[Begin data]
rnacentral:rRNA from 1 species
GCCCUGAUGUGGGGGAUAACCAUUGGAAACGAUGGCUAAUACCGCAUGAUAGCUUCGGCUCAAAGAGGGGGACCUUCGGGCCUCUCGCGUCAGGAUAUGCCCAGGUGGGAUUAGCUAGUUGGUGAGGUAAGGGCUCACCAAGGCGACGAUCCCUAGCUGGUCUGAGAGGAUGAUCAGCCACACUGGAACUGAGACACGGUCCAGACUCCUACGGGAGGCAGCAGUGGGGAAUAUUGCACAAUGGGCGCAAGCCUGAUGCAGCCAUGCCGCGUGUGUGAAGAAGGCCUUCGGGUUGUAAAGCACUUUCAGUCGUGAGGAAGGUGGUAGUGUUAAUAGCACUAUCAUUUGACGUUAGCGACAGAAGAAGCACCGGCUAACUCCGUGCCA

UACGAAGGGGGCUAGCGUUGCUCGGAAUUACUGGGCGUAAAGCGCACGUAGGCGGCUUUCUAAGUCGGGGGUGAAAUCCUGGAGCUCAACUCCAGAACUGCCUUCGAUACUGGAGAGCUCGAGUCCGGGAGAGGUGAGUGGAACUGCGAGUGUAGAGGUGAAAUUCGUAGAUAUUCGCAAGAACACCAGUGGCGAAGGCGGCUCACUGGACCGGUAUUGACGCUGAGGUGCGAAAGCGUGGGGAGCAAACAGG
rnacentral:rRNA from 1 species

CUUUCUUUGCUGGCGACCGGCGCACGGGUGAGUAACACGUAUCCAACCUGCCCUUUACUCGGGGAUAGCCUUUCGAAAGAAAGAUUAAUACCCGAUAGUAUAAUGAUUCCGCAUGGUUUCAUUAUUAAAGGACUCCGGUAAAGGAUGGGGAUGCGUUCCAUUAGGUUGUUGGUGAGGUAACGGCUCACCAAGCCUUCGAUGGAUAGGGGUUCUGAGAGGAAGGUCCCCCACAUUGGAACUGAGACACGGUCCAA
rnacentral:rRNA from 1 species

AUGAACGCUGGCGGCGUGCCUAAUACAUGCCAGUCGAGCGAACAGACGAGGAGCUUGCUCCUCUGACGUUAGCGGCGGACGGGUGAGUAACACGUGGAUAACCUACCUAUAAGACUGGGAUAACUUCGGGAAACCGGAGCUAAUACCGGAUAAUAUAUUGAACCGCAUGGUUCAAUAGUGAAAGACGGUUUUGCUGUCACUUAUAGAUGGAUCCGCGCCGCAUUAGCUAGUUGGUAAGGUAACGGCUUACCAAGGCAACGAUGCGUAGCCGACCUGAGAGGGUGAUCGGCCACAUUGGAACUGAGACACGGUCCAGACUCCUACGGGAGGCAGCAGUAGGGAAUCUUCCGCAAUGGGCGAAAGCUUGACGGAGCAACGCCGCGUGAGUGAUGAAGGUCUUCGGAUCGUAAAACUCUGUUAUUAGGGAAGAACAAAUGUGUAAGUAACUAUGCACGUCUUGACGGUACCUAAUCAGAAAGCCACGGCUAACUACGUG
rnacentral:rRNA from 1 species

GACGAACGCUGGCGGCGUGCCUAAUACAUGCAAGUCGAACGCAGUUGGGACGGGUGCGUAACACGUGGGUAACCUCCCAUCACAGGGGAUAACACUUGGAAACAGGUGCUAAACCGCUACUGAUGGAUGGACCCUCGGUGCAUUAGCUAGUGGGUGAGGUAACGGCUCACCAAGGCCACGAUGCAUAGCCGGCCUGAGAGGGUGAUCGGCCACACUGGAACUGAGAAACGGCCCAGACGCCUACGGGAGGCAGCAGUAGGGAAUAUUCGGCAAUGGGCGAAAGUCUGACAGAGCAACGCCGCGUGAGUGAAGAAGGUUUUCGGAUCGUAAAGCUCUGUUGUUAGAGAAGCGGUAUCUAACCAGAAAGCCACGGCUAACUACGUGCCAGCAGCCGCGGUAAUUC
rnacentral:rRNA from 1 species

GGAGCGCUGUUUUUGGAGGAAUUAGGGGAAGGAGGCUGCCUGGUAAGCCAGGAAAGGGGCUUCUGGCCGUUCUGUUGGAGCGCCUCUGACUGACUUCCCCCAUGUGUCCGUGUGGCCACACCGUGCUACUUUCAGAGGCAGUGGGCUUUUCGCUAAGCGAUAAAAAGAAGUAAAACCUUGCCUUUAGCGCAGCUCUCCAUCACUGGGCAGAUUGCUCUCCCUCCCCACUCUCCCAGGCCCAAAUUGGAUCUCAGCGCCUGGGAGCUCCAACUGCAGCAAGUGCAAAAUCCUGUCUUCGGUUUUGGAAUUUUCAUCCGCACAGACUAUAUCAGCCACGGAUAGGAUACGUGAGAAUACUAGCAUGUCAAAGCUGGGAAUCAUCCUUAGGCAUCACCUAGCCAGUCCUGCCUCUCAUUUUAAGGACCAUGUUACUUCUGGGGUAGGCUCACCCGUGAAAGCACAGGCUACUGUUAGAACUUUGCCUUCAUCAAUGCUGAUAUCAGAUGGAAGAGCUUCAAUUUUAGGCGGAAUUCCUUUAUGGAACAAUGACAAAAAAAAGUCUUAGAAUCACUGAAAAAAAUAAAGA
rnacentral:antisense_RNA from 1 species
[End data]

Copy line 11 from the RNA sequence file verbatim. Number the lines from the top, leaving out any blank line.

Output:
GGAGCGCUGUUUUUGGAGGAAUUAGGGGAAGGAGGCUGCCUGGUAAGCCAGGAAAGGGGCUUCUGGCCGUUCUGUUGGAGCGCCUCUGACUGACUUCCCCCAUGUGUCCGUGUGGCCACACCGUGCUACUUUCAGAGGCAGUGGGCUUUUCGCUAAGCGAUAAAAAGAAGUAAAACCUUGCCUUUAGCGCAGCUCUCCAUCACUGGGCAGAUUGCUCUCCCUCCCCACUCUCCCAGGCCCAAAUUGGAUCUCAGCGCCUGGGAGCUCCAACUGCAGCAAGUGCAAAAUCCUGUCUUCGGUUUUGGAAUUUUCAUCCGCACAGACUAUAUCAGCCACGGAUAGGAUACGUGAGAAUACUAGCAUGUCAAAGCUGGGAAUCAUCCUUAGGCAUCACCUAGCCAGUCCUGCCUCUCAUUUUAAGGACCAUGUUACUUCUGGGGUAGGCUCACCCGUGAAAGCACAGGCUACUGUUAGAACUUUGCCUUCAUCAAUGCUGAUAUCAGAUGGAAGAGCUUCAAUUUUAGGCGGAAUUCCUUUAUGGAACAAUGACAAAAAAAAGUCUUAGAAUCACUGAAAAAAAUAAAGA